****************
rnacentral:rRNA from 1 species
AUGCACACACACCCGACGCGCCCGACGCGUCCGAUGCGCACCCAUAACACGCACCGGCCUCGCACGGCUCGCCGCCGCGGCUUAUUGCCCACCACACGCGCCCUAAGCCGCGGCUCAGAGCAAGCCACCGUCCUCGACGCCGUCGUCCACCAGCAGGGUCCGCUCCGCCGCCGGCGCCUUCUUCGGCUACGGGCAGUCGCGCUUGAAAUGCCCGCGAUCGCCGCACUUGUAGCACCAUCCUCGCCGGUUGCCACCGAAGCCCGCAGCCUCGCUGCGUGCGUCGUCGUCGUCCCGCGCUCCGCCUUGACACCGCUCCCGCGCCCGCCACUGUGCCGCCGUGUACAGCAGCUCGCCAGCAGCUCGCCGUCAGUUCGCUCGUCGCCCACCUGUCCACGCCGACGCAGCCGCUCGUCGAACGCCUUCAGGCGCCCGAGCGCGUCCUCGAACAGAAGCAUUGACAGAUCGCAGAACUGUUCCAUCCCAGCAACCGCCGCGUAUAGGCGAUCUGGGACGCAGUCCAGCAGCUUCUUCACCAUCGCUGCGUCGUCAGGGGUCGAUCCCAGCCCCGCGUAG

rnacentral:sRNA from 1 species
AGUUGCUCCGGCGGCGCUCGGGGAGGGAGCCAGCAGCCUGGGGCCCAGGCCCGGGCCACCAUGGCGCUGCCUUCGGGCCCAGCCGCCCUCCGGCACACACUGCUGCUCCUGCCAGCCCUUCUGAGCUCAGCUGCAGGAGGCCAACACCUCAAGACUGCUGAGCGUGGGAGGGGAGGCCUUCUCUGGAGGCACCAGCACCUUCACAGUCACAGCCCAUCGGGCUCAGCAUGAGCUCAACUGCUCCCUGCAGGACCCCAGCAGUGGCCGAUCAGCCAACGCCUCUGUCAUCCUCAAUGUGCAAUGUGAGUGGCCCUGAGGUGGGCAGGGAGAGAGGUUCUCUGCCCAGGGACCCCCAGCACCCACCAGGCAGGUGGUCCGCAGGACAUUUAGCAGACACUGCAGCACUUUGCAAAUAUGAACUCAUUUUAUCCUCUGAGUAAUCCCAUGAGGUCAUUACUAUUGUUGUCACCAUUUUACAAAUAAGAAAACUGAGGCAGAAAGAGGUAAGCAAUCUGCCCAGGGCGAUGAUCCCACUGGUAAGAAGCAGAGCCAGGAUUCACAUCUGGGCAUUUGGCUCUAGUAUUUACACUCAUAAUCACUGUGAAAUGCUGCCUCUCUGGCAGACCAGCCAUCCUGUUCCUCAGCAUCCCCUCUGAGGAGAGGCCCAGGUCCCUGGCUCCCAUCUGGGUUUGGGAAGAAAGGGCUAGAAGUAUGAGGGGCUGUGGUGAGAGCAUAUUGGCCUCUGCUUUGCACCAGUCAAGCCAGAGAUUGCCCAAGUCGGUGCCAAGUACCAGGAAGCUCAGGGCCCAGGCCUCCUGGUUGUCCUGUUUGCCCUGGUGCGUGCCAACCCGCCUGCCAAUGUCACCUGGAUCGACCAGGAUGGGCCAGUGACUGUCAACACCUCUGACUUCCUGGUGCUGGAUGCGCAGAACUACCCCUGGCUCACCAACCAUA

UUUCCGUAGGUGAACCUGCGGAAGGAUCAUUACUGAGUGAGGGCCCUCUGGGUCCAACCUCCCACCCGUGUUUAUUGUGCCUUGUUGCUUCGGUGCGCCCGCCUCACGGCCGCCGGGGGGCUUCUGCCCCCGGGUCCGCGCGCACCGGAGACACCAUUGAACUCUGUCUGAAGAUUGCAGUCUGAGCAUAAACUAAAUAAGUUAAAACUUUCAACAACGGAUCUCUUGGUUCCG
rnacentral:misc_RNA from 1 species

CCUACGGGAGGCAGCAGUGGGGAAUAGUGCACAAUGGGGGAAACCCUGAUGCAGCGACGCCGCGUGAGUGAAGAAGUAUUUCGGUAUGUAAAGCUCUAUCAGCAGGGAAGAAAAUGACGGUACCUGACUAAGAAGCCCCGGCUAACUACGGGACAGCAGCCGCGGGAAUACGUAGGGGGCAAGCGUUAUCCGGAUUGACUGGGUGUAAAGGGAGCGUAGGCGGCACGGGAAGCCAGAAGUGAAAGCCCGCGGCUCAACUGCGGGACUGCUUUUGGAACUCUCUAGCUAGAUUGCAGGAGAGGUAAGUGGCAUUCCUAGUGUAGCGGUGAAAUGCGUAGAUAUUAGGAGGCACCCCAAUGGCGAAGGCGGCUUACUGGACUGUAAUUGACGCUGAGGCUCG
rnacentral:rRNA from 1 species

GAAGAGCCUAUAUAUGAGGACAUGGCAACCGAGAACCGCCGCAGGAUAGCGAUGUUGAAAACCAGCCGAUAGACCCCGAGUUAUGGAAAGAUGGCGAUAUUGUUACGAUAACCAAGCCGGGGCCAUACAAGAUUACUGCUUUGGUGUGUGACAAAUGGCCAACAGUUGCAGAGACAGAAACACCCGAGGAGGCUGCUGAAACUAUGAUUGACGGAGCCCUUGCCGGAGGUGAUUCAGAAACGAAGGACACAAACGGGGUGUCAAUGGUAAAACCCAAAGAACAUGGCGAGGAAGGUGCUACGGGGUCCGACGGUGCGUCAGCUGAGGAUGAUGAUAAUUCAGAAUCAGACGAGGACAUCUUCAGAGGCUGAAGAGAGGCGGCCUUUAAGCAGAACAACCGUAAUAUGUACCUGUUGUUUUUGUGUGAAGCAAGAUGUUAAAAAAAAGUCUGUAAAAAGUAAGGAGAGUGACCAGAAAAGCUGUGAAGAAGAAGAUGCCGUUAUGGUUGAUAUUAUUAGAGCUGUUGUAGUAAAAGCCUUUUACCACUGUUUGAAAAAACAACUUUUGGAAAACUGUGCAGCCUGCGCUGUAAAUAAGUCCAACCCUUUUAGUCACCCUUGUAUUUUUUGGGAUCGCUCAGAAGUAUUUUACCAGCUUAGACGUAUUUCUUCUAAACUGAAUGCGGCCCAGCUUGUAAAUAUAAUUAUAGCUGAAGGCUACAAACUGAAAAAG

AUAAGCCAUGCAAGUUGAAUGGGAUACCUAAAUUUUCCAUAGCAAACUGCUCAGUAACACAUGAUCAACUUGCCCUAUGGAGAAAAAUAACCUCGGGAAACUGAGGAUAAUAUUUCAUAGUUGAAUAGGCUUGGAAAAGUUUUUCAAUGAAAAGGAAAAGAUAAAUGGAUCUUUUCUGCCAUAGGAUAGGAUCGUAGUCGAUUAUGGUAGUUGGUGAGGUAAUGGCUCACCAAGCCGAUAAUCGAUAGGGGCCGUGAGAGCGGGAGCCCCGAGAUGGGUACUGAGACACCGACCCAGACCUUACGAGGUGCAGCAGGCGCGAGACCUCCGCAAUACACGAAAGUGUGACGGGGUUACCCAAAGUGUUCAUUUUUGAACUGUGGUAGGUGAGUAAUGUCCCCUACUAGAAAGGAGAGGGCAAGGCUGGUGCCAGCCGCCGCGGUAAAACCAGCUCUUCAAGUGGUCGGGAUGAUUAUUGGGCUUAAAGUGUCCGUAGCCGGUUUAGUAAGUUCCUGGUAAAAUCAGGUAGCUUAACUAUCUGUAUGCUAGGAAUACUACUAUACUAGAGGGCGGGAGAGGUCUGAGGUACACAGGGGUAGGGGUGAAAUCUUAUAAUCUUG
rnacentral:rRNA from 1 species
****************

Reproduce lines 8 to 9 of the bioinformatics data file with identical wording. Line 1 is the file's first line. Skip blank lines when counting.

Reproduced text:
rnacentral:rRNA from 1 species

GAAGAGCCUAUAUAUGAGGACAUGGCAACCGAGAACCGCCGCAGGAUAGCGAUGUUGAAAACCAGCCGAUAGACCCCGAGUUAUGGAAAGAUGGCGAUAUUGUUACGAUAACCAAGCCGGGGCCAUACAAGAUUACUGCUUUGGUGUGUGACAAAUGGCCAACAGUUGCAGAGACAGAAACACCCGAGGAGGCUGCUGAAACUAUGAUUGACGGAGCCCUUGCCGGAGGUGAUUCAGAAACGAAGGACACAAACGGGGUGUCAAUGGUAAAACCCAAAGAACAUGGCGAGGAAGGUGCUACGGGGUCCGACGGUGCGUCAGCUGAGGAUGAUGAUAAUUCAGAAUCAGACGAGGACAUCUUCAGAGGCUGAAGAGAGGCGGCCUUUAAGCAGAACAACCGUAAUAUGUACCUGUUGUUUUUGUGUGAAGCAAGAUGUUAAAAAAAAGUCUGUAAAAAGUAAGGAGAGUGACCAGAAAAGCUGUGAAGAAGAAGAUGCCGUUAUGGUUGAUAUUAUUAGAGCUGUUGUAGUAAAAGCCUUUUACCACUGUUUGAAAAAACAACUUUUGGAAAACUGUGCAGCCUGCGCUGUAAAUAAGUCCAACCCUUUUAGUCACCCUUGUAUUUUUUGGGAUCGCUCAGAAGUAUUUUACCAGCUUAGACGUAUUUCUUCUAAACUGAAUGCGGCCCAGCUUGUAAAUAUAAUUAUAGCUGAAGGCUACAAACUGAAAAAG